It’s never-ending. It begins with getting on the road and putting riffs on your phone or a recorder and noting down lyrics and song titles. Then you get home, collect all that info and put it together. Some lyrics stick to some riffs, some riffs demand their own lyrics or whatever, and then all the way up into going in the studio. We made a couple of songs in the studio this time. ‘Breakin’ Outta Hell’ and ‘Rivalry’ were a couple of the last ones that were made. The lyrics for ‘It’s All For Rock N’ Roll’ which is written about Lemmy, those were the last verses that were written for the record, because we felt that song needed to be important and that’s why we wrote it about Lemmy. The biggest judge when you’re recording an album is that microphone before it hits the tape. When you’re actually singing down the mic, those little alarm bells that you weren’t listening to previously ring louder and say, “Come on, you can do better.” And then you might spend an hour just to get it right.


That’s an interesting take on it. Your musical style is something that people identify with. You’ve followed a similar theme through all four albums and people know what to expect, but when you’re writing new stuff, do you get conscious of ever may be sounding too much like the old stuff? And do you ever listen back to the old stuff to make sure that’s not the case?

We don’t really think anything about that because what we are is what we are. When I want a cheeseburger, I don’t want to end up with a fish burger. With Airbourne, one of the best ways to describe how we’ve approached this is, say in the past we’ve given you a jack and coke. This time we’re trying to give you a double jack and coke. It’s got a little more kick to it, you know what I mean?

That’s a good way of putting it. Talking of your drumming, in classic hard rock it’s more important to stay to the beat and keep the rhythm stable. That has to be your biggest focus instead of trying to overplay.

Absolutely. I couldn’t imagine anything worse than sitting in front of 80,000 people in Europe or something, playing and watching the crowd go from jumping up and down to just stopping and looking at the stage, not knowing what to do. I feel that my job is to just keep the 80,000 people jumping in the same time and just enjoying the show. The biggest rock in the last 40 years has done that. It’s all been good simple riffs and good simple drums with good lyrics.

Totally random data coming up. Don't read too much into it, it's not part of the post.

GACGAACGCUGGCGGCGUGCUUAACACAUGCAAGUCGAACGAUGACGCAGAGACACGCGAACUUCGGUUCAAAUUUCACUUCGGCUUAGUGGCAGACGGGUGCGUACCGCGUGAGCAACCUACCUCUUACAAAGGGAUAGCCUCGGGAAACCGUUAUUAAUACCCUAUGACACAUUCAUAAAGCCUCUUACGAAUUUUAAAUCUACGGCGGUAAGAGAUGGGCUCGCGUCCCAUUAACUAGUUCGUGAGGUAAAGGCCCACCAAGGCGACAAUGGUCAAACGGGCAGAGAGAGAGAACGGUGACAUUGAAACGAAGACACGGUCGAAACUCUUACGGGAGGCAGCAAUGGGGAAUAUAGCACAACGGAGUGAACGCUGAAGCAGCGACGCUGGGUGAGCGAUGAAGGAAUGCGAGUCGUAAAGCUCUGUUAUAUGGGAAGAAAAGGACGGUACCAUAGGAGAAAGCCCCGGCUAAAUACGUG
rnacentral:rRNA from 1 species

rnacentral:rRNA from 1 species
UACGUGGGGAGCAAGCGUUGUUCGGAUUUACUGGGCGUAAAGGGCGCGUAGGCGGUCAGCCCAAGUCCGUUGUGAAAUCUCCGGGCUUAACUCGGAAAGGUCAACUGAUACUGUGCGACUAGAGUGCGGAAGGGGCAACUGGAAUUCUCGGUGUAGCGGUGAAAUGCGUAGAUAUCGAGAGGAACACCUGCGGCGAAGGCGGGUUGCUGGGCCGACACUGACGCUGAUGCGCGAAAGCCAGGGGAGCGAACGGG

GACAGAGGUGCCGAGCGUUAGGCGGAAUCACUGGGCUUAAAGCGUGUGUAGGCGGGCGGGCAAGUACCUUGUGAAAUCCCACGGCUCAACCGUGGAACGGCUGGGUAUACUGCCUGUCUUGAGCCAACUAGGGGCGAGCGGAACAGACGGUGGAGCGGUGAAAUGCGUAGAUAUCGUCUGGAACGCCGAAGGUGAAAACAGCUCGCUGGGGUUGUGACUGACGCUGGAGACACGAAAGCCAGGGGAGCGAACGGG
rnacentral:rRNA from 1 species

Exactly. One thing that’s obviously a signature of Airbourne shows is your brother’s wild antics. It’s like expecting the unexpected, basically. But while he’s doing all that, you’re glued to your seat playing the drums. Sometimes does it get scary to you or are you used to it by now?

I’m used to it, we’re brothers, and if I tell him to not do something, that’s the first thing he’s going to do (laughs). But he’s pretty skilled at climbing and stuff. He’s a crazy guy that you just can’t stop, and it makes the shows pretty exciting.

Definitely. Talking of shows, you’re just about to start a North American tour in a few days. It’s a headline tour which I think is a big step for you. People who’ve seen you as an opener at festivals and bigger tours are probably more looking forward to this one than before because it’s going to be a full set by Airbourne.

Yeah, it’s exciting! We’ll get to play more songs and we’re definitely going to be getting into the new record during the tour. It’s crazy and hard to believe that it’s four records now to choose from. So, it’s really going to be a lot of fun.

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Airbourne North American tour dates:
09/12/2016 – San Diego, CA @ House of Blues
09/13/2016 – Los Angeles, CA @ The Roxy Theatre
09/14/2016 – San Francisco, CA @ Independent
09/16/2016 – Seattle, WA @ Tractor
09/17/2016 – Vancouver, BC @ Commodore
09/20/2016 – Victoria, BC @ Sugar
09/22/2016 – Kamloops, BC @ Cactus Jacks
09/23/2016 – Calgary, AB @ Gateway
09/24/2016 – Edmonton, AB @ Union Hall
09/25/2016 – Saskatoon, SK @ Saskatoon Events Center
09/28/2016 – Winnipeg, MB @ Pyramid
09/29/2016 – Minneapolis, MN @ Triple Rock
09/30/2016 – Chicago, IL @ Bottom Lounge
10/01/2016 – Detroit, MI @ Smalls
10/04/2016 – Waterloo, ON @ Maxwell’s
10/05/2016 – London, ON @ London Music Hall
10/07/2016 – Toronto, ON @ Opera House
10/08/2016 – Montreal, QC @ Corona Theatre
10/11/2016 – Boston, MA @ The Middle East
10/12/2016 – New York, NY @ Gramercy
10/14/2016 – Baltimore, MD @ Soundstage